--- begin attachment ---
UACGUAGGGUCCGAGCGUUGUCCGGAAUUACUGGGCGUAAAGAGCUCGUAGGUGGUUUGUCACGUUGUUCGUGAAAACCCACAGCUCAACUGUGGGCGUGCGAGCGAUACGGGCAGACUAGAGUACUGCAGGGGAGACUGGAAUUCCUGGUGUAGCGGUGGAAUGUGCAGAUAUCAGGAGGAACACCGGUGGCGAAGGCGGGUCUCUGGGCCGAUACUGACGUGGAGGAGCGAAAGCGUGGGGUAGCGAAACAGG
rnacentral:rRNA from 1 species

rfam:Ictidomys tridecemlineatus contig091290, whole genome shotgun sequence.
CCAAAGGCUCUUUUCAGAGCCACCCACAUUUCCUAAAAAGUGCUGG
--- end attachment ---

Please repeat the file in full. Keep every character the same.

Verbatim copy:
UACGUAGGGUCCGAGCGUUGUCCGGAAUUACUGGGCGUAAAGAGCUCGUAGGUGGUUUGUCACGUUGUUCGUGAAAACCCACAGCUCAACUGUGGGCGUGCGAGCGAUACGGGCAGACUAGAGUACUGCAGGGGAGACUGGAAUUCCUGGUGUAGCGGUGGAAUGUGCAGAUAUCAGGAGGAACACCGGUGGCGAAGGCGGGUCUCUGGGCCGAUACUGACGUGGAGGAGCGAAAGCGUGGGGUAGCGAAACAGG
rnacentral:rRNA from 1 species

rfam:Ictidomys tridecemlineatus contig091290, whole genome shotgun sequence.
CCAAAGGCUCUUUUCAGAGCCACCCACAUUUCCUAAAAAGUGCUGG